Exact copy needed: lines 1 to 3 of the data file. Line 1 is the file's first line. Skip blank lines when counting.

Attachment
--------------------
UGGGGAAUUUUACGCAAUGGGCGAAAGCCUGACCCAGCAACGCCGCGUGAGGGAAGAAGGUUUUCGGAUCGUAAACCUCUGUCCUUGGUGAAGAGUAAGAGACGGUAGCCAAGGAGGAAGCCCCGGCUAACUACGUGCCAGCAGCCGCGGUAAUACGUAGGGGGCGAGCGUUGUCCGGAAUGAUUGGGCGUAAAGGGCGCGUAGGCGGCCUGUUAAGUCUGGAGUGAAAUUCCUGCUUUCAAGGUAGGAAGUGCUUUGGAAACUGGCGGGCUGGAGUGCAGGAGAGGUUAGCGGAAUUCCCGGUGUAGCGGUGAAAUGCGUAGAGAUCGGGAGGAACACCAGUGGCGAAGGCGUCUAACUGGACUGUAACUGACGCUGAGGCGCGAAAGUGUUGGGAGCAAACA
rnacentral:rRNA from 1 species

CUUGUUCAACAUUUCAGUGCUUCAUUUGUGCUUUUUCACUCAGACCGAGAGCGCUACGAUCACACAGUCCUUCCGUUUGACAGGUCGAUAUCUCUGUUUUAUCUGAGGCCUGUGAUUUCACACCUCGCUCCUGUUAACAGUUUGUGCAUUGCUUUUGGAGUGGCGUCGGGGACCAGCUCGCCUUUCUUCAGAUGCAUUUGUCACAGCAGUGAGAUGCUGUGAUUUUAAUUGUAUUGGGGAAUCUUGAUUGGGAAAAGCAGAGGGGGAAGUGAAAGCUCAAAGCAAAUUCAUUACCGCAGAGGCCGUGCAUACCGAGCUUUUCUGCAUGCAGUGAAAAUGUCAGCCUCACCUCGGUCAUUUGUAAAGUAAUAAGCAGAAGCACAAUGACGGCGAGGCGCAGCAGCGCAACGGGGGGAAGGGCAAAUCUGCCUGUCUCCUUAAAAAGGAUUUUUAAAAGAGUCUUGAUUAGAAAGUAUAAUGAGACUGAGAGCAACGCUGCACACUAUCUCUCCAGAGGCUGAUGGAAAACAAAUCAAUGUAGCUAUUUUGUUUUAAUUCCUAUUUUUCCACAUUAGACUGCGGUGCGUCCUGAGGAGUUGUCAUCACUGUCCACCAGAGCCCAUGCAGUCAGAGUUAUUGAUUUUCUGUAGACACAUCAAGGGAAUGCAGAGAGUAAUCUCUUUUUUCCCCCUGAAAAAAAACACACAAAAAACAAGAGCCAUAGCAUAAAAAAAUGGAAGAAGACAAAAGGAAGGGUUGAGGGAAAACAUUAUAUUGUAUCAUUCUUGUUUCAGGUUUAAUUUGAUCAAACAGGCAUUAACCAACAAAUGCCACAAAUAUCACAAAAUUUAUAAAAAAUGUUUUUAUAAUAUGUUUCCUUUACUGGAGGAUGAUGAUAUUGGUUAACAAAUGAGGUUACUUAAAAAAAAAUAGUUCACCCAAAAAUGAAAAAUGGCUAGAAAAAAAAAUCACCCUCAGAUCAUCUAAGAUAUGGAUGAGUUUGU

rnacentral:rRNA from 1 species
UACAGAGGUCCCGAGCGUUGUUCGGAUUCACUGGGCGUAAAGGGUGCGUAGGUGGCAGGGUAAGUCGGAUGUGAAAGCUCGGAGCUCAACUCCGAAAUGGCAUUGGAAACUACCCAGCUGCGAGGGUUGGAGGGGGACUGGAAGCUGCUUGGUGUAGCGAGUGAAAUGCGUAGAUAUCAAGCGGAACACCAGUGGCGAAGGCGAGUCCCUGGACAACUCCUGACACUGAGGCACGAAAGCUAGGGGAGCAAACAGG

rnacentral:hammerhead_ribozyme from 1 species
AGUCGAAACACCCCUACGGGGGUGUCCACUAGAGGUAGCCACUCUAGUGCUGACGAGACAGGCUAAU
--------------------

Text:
UGGGGAAUUUUACGCAAUGGGCGAAAGCCUGACCCAGCAACGCCGCGUGAGGGAAGAAGGUUUUCGGAUCGUAAACCUCUGUCCUUGGUGAAGAGUAAGAGACGGUAGCCAAGGAGGAAGCCCCGGCUAACUACGUGCCAGCAGCCGCGGUAAUACGUAGGGGGCGAGCGUUGUCCGGAAUGAUUGGGCGUAAAGGGCGCGUAGGCGGCCUGUUAAGUCUGGAGUGAAAUUCCUGCUUUCAAGGUAGGAAGUGCUUUGGAAACUGGCGGGCUGGAGUGCAGGAGAGGUUAGCGGAAUUCCCGGUGUAGCGGUGAAAUGCGUAGAGAUCGGGAGGAACACCAGUGGCGAAGGCGUCUAACUGGACUGUAACUGACGCUGAGGCGCGAAAGUGUUGGGAGCAAACA
rnacentral:rRNA from 1 species

CUUGUUCAACAUUUCAGUGCUUCAUUUGUGCUUUUUCACUCAGACCGAGAGCGCUACGAUCACACAGUCCUUCCGUUUGACAGGUCGAUAUCUCUGUUUUAUCUGAGGCCUGUGAUUUCACACCUCGCUCCUGUUAACAGUUUGUGCAUUGCUUUUGGAGUGGCGUCGGGGACCAGCUCGCCUUUCUUCAGAUGCAUUUGUCACAGCAGUGAGAUGCUGUGAUUUUAAUUGUAUUGGGGAAUCUUGAUUGGGAAAAGCAGAGGGGGAAGUGAAAGCUCAAAGCAAAUUCAUUACCGCAGAGGCCGUGCAUACCGAGCUUUUCUGCAUGCAGUGAAAAUGUCAGCCUCACCUCGGUCAUUUGUAAAGUAAUAAGCAGAAGCACAAUGACGGCGAGGCGCAGCAGCGCAACGGGGGGAAGGGCAAAUCUGCCUGUCUCCUUAAAAAGGAUUUUUAAAAGAGUCUUGAUUAGAAAGUAUAAUGAGACUGAGAGCAACGCUGCACACUAUCUCUCCAGAGGCUGAUGGAAAACAAAUCAAUGUAGCUAUUUUGUUUUAAUUCCUAUUUUUCCACAUUAGACUGCGGUGCGUCCUGAGGAGUUGUCAUCACUGUCCACCAGAGCCCAUGCAGUCAGAGUUAUUGAUUUUCUGUAGACACAUCAAGGGAAUGCAGAGAGUAAUCUCUUUUUUCCCCCUGAAAAAAAACACACAAAAAACAAGAGCCAUAGCAUAAAAAAAUGGAAGAAGACAAAAGGAAGGGUUGAGGGAAAACAUUAUAUUGUAUCAUUCUUGUUUCAGGUUUAAUUUGAUCAAACAGGCAUUAACCAACAAAUGCCACAAAUAUCACAAAAUUUAUAAAAAAUGUUUUUAUAAUAUGUUUCCUUUACUGGAGGAUGAUGAUAUUGGUUAACAAAUGAGGUUACUUAAAAAAAAAUAGUUCACCCAAAAAUGAAAAAUGGCUAGAAAAAAAAAUCACCCUCAGAUCAUCUAAGAUAUGGAUGAGUUUGU